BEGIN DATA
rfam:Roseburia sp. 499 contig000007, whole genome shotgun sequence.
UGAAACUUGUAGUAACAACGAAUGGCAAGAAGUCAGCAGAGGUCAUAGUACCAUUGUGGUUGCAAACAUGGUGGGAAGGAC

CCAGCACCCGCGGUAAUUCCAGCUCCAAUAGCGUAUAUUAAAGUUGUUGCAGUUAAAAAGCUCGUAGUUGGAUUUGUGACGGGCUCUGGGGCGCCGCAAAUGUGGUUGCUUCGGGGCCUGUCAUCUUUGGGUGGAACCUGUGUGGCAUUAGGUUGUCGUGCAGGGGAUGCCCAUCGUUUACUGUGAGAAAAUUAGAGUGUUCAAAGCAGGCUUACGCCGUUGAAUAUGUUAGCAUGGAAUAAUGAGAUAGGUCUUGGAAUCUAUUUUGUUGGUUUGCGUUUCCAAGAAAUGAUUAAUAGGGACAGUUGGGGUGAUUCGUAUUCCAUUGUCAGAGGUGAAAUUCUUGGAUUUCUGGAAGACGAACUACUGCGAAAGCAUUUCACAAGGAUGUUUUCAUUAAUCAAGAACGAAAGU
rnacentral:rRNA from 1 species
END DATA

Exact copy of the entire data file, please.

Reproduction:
rfam:Roseburia sp. 499 contig000007, whole genome shotgun sequence.
UGAAACUUGUAGUAACAACGAAUGGCAAGAAGUCAGCAGAGGUCAUAGUACCAUUGUGGUUGCAAACAUGGUGGGAAGGAC

CCAGCACCCGCGGUAAUUCCAGCUCCAAUAGCGUAUAUUAAAGUUGUUGCAGUUAAAAAGCUCGUAGUUGGAUUUGUGACGGGCUCUGGGGCGCCGCAAAUGUGGUUGCUUCGGGGCCUGUCAUCUUUGGGUGGAACCUGUGUGGCAUUAGGUUGUCGUGCAGGGGAUGCCCAUCGUUUACUGUGAGAAAAUUAGAGUGUUCAAAGCAGGCUUACGCCGUUGAAUAUGUUAGCAUGGAAUAAUGAGAUAGGUCUUGGAAUCUAUUUUGUUGGUUUGCGUUUCCAAGAAAUGAUUAAUAGGGACAGUUGGGGUGAUUCGUAUUCCAUUGUCAGAGGUGAAAUUCUUGGAUUUCUGGAAGACGAACUACUGCGAAAGCAUUUCACAAGGAUGUUUUCAUUAAUCAAGAACGAAAGU
rnacentral:rRNA from 1 species